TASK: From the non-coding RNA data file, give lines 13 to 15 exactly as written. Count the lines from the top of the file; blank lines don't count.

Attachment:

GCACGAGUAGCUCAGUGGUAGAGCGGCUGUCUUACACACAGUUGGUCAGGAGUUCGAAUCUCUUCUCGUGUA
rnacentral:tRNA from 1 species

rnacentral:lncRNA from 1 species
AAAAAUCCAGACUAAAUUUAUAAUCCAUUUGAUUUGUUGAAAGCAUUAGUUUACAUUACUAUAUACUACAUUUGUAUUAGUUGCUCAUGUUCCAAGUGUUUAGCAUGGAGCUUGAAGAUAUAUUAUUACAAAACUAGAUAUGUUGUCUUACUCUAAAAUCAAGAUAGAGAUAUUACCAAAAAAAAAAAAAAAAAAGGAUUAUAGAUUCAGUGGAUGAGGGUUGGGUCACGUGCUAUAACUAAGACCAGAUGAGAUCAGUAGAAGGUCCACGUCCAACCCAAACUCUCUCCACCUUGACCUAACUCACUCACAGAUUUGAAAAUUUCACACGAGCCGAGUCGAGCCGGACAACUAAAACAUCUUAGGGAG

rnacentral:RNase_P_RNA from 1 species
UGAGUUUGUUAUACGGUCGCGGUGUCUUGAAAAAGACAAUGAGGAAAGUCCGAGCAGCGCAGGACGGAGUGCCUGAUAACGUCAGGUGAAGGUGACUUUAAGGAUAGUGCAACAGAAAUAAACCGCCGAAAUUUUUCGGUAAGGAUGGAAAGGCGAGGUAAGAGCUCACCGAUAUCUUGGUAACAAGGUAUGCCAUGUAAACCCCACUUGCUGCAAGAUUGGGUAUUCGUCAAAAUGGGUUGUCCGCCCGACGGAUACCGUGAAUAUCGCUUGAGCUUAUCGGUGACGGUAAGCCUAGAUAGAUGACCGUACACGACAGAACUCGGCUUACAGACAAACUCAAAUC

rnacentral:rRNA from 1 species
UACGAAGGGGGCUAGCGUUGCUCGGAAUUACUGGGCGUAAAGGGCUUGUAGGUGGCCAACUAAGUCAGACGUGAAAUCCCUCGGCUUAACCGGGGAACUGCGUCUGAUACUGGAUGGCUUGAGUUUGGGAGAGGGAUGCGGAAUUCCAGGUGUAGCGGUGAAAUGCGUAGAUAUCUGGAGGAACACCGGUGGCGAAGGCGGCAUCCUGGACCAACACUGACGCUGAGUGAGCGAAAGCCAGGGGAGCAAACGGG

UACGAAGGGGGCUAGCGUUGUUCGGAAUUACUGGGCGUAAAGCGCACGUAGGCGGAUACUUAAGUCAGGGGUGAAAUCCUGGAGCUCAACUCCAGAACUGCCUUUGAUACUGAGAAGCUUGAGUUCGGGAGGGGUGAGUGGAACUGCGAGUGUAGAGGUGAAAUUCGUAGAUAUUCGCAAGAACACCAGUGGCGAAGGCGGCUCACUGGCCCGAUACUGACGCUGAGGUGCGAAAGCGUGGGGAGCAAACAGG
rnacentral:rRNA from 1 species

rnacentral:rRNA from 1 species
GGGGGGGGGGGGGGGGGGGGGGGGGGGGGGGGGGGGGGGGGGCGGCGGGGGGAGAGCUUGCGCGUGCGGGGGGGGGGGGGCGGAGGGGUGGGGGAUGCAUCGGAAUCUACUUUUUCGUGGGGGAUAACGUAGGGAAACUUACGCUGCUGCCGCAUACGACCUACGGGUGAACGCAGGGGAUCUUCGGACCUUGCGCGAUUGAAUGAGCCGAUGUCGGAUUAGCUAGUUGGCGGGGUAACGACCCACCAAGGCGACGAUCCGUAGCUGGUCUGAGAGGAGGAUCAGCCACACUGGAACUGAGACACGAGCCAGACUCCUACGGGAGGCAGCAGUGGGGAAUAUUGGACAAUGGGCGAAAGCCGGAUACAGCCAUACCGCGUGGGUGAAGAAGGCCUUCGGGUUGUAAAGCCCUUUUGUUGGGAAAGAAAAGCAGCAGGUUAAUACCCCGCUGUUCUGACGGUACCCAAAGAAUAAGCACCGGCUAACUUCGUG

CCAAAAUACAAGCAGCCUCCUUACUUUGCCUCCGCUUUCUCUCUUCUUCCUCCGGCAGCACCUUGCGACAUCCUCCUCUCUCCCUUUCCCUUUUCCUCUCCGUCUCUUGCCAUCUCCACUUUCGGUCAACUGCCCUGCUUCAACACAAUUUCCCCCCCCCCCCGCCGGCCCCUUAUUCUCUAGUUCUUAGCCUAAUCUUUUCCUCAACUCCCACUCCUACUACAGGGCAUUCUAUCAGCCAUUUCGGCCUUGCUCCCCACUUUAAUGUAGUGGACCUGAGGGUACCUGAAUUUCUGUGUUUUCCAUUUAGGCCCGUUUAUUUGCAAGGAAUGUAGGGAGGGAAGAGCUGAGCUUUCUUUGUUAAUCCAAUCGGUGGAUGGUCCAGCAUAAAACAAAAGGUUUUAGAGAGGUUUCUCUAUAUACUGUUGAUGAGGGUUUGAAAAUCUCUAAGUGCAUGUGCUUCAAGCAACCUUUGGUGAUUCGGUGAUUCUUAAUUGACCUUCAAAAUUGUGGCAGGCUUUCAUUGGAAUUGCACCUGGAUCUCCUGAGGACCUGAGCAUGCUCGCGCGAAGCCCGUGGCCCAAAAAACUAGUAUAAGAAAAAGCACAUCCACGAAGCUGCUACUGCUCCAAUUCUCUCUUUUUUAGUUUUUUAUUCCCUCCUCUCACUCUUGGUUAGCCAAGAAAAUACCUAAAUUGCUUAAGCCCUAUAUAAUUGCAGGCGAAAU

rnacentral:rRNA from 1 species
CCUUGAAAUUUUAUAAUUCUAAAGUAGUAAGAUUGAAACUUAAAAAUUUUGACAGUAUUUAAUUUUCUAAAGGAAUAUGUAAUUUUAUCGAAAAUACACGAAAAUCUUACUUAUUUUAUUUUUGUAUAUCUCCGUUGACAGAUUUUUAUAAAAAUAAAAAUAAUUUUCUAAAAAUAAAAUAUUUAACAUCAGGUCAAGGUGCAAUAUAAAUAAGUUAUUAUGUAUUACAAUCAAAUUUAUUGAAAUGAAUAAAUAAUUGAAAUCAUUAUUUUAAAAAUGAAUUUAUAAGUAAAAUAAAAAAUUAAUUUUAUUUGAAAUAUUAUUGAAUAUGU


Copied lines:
CCAAAAUACAAGCAGCCUCCUUACUUUGCCUCCGCUUUCUCUCUUCUUCCUCCGGCAGCACCUUGCGACAUCCUCCUCUCUCCCUUUCCCUUUUCCUCUCCGUCUCUUGCCAUCUCCACUUUCGGUCAACUGCCCUGCUUCAACACAAUUUCCCCCCCCCCCCGCCGGCCCCUUAUUCUCUAGUUCUUAGCCUAAUCUUUUCCUCAACUCCCACUCCUACUACAGGGCAUUCUAUCAGCCAUUUCGGCCUUGCUCCCCACUUUAAUGUAGUGGACCUGAGGGUACCUGAAUUUCUGUGUUUUCCAUUUAGGCCCGUUUAUUUGCAAGGAAUGUAGGGAGGGAAGAGCUGAGCUUUCUUUGUUAAUCCAAUCGGUGGAUGGUCCAGCAUAAAACAAAAGGUUUUAGAGAGGUUUCUCUAUAUACUGUUGAUGAGGGUUUGAAAAUCUCUAAGUGCAUGUGCUUCAAGCAACCUUUGGUGAUUCGGUGAUUCUUAAUUGACCUUCAAAAUUGUGGCAGGCUUUCAUUGGAAUUGCACCUGGAUCUCCUGAGGACCUGAGCAUGCUCGCGCGAAGCCCGUGGCCCAAAAAACUAGUAUAAGAAAAAGCACAUCCACGAAGCUGCUACUGCUCCAAUUCUCUCUUUUUUAGUUUUUUAUUCCCUCCUCUCACUCUUGGUUAGCCAAGAAAAUACCUAAAUUGCUUAAGCCCUAUAUAAUUGCAGGCGAAAU

rnacentral:rRNA from 1 species
CCUUGAAAUUUUAUAAUUCUAAAGUAGUAAGAUUGAAACUUAAAAAUUUUGACAGUAUUUAAUUUUCUAAAGGAAUAUGUAAUUUUAUCGAAAAUACACGAAAAUCUUACUUAUUUUAUUUUUGUAUAUCUCCGUUGACAGAUUUUUAUAAAAAUAAAAAUAAUUUUCUAAAAAUAAAAUAUUUAACAUCAGGUCAAGGUGCAAUAUAAAUAAGUUAUUAUGUAUUACAAUCAAAUUUAUUGAAAUGAAUAAAUAAUUGAAAUCAUUAUUUUAAAAAUGAAUUUAUAAGUAAAAUAAAAAAUUAAUUUUAUUUGAAAUAUUAUUGAAUAUGU